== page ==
#95Tweets #B9: Genesis and the Gospels compare Satan/sin to a croucher or devourer, never an eternal torturer
#95Tweets #B10: In Job, Satan is clearly an ally of God, or at least a colleague, and is busy going to and fro, not torturing anyone
#95Tweets #B11: In 1 Samuel 28, “Sheol”, elsewhere translated as “Hell”, is apparently where the prophet Samuel is. Prophets in Hell?
#95Tweets #B12: Psalm 139 – God is everywhere, even Sheol, elsewhere translated as “Hell”.
#95Tweets #B13: In Psalms, sin = death, perish, consume, destroy – examples are Psalm 5:5-6, Psalm 37:38 – no eternal torture
#95Tweets #B14: Sin = death in the Prophets: Jer 12:3, Isa 1:28; 33:12, Ezek 18:4, Nahum 1:2-13, Zeph 1:14-18, Mal 4:1-3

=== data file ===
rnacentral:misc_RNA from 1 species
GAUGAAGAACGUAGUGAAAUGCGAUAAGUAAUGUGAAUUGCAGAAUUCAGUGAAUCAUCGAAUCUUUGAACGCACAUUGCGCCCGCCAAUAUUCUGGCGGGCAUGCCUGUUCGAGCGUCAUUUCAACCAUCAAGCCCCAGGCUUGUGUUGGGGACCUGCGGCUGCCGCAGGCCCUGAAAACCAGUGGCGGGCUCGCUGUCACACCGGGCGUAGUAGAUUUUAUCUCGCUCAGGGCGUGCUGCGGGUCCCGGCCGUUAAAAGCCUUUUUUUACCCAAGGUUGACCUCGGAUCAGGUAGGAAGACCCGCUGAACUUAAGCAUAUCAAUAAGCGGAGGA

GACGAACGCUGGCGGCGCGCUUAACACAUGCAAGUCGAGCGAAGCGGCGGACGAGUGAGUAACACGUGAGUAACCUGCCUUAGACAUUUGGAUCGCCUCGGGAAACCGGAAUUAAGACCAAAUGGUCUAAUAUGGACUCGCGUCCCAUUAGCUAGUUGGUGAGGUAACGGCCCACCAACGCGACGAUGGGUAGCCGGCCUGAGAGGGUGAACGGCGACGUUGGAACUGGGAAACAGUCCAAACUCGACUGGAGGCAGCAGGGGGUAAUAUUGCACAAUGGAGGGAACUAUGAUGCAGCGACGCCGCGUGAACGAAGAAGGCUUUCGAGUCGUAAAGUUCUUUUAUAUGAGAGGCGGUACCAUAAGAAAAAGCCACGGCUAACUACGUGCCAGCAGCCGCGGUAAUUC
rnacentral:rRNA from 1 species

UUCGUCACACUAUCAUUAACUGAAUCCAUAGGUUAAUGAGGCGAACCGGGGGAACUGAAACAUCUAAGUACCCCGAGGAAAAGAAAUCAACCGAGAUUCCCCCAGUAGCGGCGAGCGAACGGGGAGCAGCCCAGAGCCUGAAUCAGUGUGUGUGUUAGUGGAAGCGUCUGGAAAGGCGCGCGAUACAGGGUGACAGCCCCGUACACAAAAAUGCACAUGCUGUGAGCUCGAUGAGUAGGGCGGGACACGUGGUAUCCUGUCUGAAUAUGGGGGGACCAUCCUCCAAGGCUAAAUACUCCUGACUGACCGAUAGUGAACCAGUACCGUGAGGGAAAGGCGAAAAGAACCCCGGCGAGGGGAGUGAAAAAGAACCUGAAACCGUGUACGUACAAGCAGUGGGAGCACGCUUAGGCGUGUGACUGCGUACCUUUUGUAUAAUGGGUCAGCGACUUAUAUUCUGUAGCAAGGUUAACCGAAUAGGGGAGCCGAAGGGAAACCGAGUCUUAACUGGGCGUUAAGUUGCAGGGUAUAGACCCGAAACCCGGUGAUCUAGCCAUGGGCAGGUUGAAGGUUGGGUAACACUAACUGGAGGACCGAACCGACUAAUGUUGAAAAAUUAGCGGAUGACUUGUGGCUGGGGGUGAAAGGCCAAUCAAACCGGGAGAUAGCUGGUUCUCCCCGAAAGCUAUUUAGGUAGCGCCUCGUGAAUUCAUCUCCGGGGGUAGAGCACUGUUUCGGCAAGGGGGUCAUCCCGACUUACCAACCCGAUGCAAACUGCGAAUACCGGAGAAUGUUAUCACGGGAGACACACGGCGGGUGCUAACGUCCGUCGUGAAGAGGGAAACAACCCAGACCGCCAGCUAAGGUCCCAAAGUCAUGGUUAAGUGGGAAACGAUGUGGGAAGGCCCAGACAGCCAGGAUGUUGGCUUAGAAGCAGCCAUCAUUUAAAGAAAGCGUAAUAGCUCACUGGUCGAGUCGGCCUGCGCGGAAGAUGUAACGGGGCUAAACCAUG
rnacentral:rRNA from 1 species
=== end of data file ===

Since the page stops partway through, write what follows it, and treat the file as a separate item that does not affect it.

#95Tweets #B15: Isaiah 25:6-9, God swallows up death forever, and everyone rejoices. Except the billions screaming in Hell, right? No.
#95Tweets #B16: The NT dichotomy is clearly between life and death – Luke 20:34-38, John 3:16; 6:48-58, Rom 6:23
#95Tweets #B17: Matt 7:21-23 Jesus contrasts those who enter into his kingdom and who do not – no eternal torment mentioned
#95Tweets #B18: Matthew 10:28 Jesus threatens Satan’s power to destroy, not eternally torture
#95Tweets #B19: In Matthew 24:36-51 the sinner is cut to pieces, destroyed, not tortured for eternity
#95Tweets #B20: Mtt 18:34; Luk 12:58-59 Jesus implies that the unreconciled receive finite, proportional punishment
#95Tweets #B21: The rich man & Lazarus is not literal – if literal, then all in Heaven will hear people begging from Hell for all eternity
#95Tweets #B22: Sin in John = death, die, perish – John 6:50, 8:51, 10:28, 12:25 – no eternal torture